Protesters mass outside Israeli PM Netanyahu's house as anger grows

JERUSALEM (Reuters) -Police held back protesters outside the residence of Israeli Prime Minister Benjamin Netanyahu on Saturday, amid widespread anger at the failures that led to last month's deadly attack by Hamas gunmen on communities around the Gaza Strip.

Waving blue and white Israeli flags and chanting "Jail now!", a crowd in the hundreds pushed through police barriers around Netanyahu's residence in Jerusalem.

The protest, which coincided with a poll showing more than three quarters of Israelis believe Netanyahu should resign, underlined the growing public fury at their political and security leaders.

Netanyahu has so far not accepted personal responsibility for the failures that allowed the surprise assault which saw hundreds of Hamas gunmen storm into southern Israel on Oct. 7, killing more than 1,400 people and taking at least 240 hostage.

As the initial shock has faded, public anger has grown, with many families of the hostages held in Gaza bitterly critical of the government response and calling for their relatives to be brought home.

In Tel Aviv, thousands demonstrated, waving flags and holding photographs of some of the captives in Gaza and posters with slogans like "Release the hostages now at all costs" while crowds chanted, "bring them home now".

Ofri Bibas-Levy, whose brother, along with his four-year-old son Ariel and 10-month-old son Kfir were taken hostage by Hamas, told Reuters that she came to show support for her family.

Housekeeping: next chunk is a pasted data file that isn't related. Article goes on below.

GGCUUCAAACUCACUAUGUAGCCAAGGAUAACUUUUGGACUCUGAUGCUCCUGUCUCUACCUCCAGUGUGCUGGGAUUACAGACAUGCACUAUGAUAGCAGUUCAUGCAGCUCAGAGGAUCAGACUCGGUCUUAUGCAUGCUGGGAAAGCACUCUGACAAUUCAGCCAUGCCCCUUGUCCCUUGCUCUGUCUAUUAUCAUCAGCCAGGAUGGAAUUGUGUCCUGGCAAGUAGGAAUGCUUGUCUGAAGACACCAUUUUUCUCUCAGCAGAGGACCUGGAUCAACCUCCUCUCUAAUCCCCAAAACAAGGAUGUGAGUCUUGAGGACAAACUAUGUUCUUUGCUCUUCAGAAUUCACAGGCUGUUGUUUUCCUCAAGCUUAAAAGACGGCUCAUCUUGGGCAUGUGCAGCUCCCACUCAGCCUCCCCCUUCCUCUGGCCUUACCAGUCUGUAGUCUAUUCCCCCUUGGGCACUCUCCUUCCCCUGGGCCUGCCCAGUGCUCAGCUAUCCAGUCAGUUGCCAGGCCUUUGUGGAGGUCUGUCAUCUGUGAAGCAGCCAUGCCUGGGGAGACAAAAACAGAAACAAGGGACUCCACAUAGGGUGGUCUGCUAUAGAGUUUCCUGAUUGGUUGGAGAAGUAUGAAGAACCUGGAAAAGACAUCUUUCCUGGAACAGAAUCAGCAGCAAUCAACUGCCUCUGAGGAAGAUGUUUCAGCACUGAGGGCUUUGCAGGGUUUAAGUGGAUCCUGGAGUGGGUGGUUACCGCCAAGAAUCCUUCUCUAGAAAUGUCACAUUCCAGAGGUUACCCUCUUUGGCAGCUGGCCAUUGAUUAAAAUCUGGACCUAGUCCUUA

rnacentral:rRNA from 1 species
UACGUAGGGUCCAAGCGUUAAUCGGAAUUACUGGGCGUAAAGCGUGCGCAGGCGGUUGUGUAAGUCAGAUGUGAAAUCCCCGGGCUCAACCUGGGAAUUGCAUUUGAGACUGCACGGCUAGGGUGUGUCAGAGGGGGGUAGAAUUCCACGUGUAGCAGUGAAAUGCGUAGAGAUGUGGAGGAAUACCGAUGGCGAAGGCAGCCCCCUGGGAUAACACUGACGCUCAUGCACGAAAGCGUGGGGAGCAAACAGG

"We don't know where they are, we don't know what condition they are kept in. I don't know if Kfir is getting food, I don't know if Ariel is getting enough food. He is a very small baby," said Bibas-Levy.

Since the attack, Israel has launched an intense air and ground offensive in Gaza, killing more than 9,000 people, health authorities in the Hamas-run area say, and reducing large areas of the enclave to rubble.

Even before the war, Netanyahu had been a divisive figure, fighting corruption charges, which he denies, and pushing through a plan to curb the powers of the judiciary that brought hundreds of thousands to the streets to protest.

On Saturday, a poll for Israel's Channel 13 Television found 76% of Israelis thought Netanyahu, now serving a record sixth term as prime minister, should resign and 64% saying the country should hold an election immediately after the war.

When asked who is most at fault for the attack, 44% of Israelis blamed Netanyahu, while 33% blamed the military chief of staff and senior IDF officials and 5% blamed the Defense Minister, according to the poll.

(Reporting by Emily Rose;Editing by Ros Russell and Emelia Sithole-Matarise)